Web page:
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10 Things I Learned After Checking My DNA Matches Every Day for a Year

Have you ever heard someone say that doing their DNA test changed them?  I used to think that that was a bit silly, since I felt like much the same person that I was when I first got started with genetic genealogy several years ago. 

But then I realized that I check my DNA matches every day, sometimes even more than once a day.  I also manage more than a dozen kits of family members and friends who have enlisted my help, or have allowed me access to their results, and I check those results daily, too.

10 Things I Learned After Checking My DNA Matches Every Day for a Year

I checked my DNA while in the drive-thru at Starbucks, while on a tour at Colonial Williamsburg, at the airport in Montreal, while waiting for my kids to be done at their music lessons, while on the phone (sorry, mom!), and before I checked my e-mail most days.

Yeah, so that thing about me being the same person?  I don’t think so. 

I have changed and learned, and I thought by putting together this post, I could share with you what I learned during a year of (obsessively) checking my DNA matches every day.

#1  I don’t know everyone in my family

When I first did my DNA test, my top match was a mystery match.  She showed up as a 1st-2nd cousin, but I had no idea who she was.  Over the course of a few years, I figured out that she was not anyone that I already knew from my family. 

I asked some of my other family members to do a DNA test – like aunts, uncles, and cousins – so I could narrow down the line of the family that my mystery cousin was on.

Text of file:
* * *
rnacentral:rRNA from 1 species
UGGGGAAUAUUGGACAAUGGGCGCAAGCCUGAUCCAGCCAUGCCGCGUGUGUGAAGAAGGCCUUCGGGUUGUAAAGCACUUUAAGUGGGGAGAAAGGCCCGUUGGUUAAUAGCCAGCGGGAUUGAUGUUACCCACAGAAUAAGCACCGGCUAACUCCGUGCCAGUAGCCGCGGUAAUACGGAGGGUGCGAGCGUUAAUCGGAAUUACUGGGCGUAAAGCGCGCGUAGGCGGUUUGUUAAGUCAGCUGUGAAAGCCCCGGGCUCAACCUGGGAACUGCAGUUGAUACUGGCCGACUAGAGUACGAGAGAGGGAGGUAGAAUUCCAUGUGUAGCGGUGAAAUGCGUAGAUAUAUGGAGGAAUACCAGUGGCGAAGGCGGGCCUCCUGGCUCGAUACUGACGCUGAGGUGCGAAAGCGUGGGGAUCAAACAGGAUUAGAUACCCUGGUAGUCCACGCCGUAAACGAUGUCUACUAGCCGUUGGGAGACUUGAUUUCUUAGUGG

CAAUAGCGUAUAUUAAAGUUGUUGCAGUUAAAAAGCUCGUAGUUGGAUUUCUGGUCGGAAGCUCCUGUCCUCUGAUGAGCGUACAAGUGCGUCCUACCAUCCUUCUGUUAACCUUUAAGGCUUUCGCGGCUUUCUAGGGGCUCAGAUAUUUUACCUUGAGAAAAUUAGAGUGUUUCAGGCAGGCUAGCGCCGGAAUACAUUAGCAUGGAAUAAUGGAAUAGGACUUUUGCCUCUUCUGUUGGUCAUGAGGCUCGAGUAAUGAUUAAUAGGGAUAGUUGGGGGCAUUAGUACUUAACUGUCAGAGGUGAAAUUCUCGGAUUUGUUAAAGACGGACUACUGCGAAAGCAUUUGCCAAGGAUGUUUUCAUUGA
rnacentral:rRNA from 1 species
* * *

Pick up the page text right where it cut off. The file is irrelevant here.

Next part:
This year, I figured out for sure that she was a first cousin to my parent, and a first cousin once-removed to me.  I sent her a message with the surname that I thought she shared with my parent, and within minutes, I received a reply. 

She had grown up not knowing who her biological father was, and we were able to figure out pretty quickly which one of my parent’s uncles was her father.

What I learned from this experience is to keep an open mind about my family.  You never know when it can “grow” unexpectedly in surprising ways!  There is a good chance that I will meet more family someday, and I will welcome them with open arms.

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#2  I have DNA relatives all over the world

In the past year, I have been in touch with DNA matches in England, Ireland, Australia, the Netherlands, and Serbia (read here about finding DNA matches in other countries).  I have seen people on my match list from Poland and Germany, but I have still yet to reach out.

I wonder where all of your DNA relatives live?

#3  Patience is a virtue.

When I first did a DNA test several years ago, I didn’t really know what to expect.  Would I just have tons of DNA matches and have all the answers to life’s mysteries immediately at my fingertips?